• What does it mean to be Dissociation-Informed?
    In short, I have completed post-graduate advanced training and clinical consultation in structural dissociation and dissociative disorders. I take a non-pathologizing stance on dissociation, recognizing that dissociation is an every day occurrence for all humans (i.e. reflexively driving from one destination to the other without full awareness and 100% presence; "zoning out" while watching television or playing a video game; etc.). When an individual experiences trauma, dissociation is utilized as a coping mechanism to avoid further harm. The experience of trauma leads to more pronounced dissociation that can be more pervasively triggered as the survivor attempts to cope with and navigate through life.
  • What are the effects of trauma on the brain & nervous system?
    Trauma can have profound effects on the brain, particularly on areas involved in emotion regulation and memory. The amygdala, responsible for processing emotions, can become hyperactive, leading to heightened anxiety and fear responses. The hippocampus, crucial for memory, may shrink, impacting the ability to form new memories and manage stress. The prefrontal cortex, involved in decision-making and impulse control, can also be affected, leading to difficulties in regulating emotions and behavior. These changes can contribute to conditions like PTSD, C-PTSD, and other mental health conditions. Trauma can trigger a cascade of responses in the nervous system, particularly the autonomic nervous system (ANS). The sympathetic branch, responsible for the "fight or flight" response, can become overactive, leading to increased heart rate, elevated blood pressure, and heightened alertness. Conversely, the parasympathetic branch, responsible for calming the body, may be underactive, resulting in difficulties relaxing or sleeping. Chronic trauma can lead to dysregulation of the ANS, causing symptoms like hypervigilance, emotional flashbacks, dissociation, and panic attacks. This dysregulation can persist even after the traumatic event has passed, contributing to ongoing stress and health issues.
  • What is the difference between Overt Incest and Emotional Incest?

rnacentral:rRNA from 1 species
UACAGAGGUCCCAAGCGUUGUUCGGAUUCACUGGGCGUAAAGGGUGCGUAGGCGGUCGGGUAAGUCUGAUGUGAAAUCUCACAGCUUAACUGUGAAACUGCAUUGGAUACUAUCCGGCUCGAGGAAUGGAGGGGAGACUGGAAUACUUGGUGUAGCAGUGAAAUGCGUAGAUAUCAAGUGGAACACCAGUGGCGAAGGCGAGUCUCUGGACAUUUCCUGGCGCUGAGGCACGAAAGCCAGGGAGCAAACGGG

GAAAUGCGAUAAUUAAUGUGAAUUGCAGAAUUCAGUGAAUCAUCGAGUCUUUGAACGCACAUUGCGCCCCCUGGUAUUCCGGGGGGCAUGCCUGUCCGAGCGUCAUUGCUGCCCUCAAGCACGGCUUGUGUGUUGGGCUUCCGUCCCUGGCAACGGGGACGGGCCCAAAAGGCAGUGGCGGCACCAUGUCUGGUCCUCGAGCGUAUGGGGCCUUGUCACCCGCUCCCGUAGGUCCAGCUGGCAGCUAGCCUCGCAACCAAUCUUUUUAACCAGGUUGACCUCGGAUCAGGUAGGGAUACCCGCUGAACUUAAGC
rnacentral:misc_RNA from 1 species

Overt Incest is explicit sexual act(s) enacted by a non-spousal family member, relative, or close friend. Emotional Incest also known as covert incest or spousification, is described as a relationship between a parent (or a close relative or friend of the family) and child, in which the parent relies on the child to meet their emotional and relational needs often times while neglecting certain needs of the growing child. Emotional incest does not include overt sexual touching, however a child's emotional and physical boundaries are inevitably crossed. Because of this, the child may feel like their relationship with their parent is too close for comfort. Their privacy and sense of autonomy can feel compromised. The child may feel used, trapped, angry, confused, emotionally neglected/ignored, and emotionally entangled with their parent. Some parents may invade their child's personal space or engage with their child in an affectionate way that borders sexual or inappropriate (i.e. longer than comfortable hugs, holding their teenage child's hand, non-consensual kissing, etc.). They may also be sexually suggestive or body-focused in their comments toward their child (i.e. buying their daughter tight "sexy clothing", frequent comments on their child's appearance, etc.). Overt and Emotional Incest can occur individually as well as together.
  • Can sexual abuse by a same-sex perpetrator lead me to becoming queer?
    Many individuals, both straight and queer, have worried about this very question. Sexual abuse DOES NOT ORIENT our sexuality it DISORIENTS our sexuality. Sexual abuse is not about sexuality it is about abuse.
  • Does childhood sexual abuse have an effect on the sexual fantasies and turn ons/turn offs I have as an adult?
    Yes AND no. Sexuality and erotic interests are unique for each and every person. Because of this, sexual fantasies, kinks, and turn ons tend to have many contributing experiential, relational, biological, and sensorial origins. Sexual abuse does not determine our sexual or erotic orientations, it disorients us. Sexual abuse can leave a trauma imprint on our sexual-erotic template. This imprint can have an influence on how we relate to and engage with our sexual and erotic selves (solo and partnered). That being said, there are many individuals both with and without SA histories that claim to trace their fantasies/kinks/turn ons to experiences from their childhood. At the end of the day, if it is pleasurable, consensual, honest, non-exploitative, safe, and aligns with the values for all parties involved, YOU get to decide how YOU want to engage with your sexual and erotic self regardless of your past.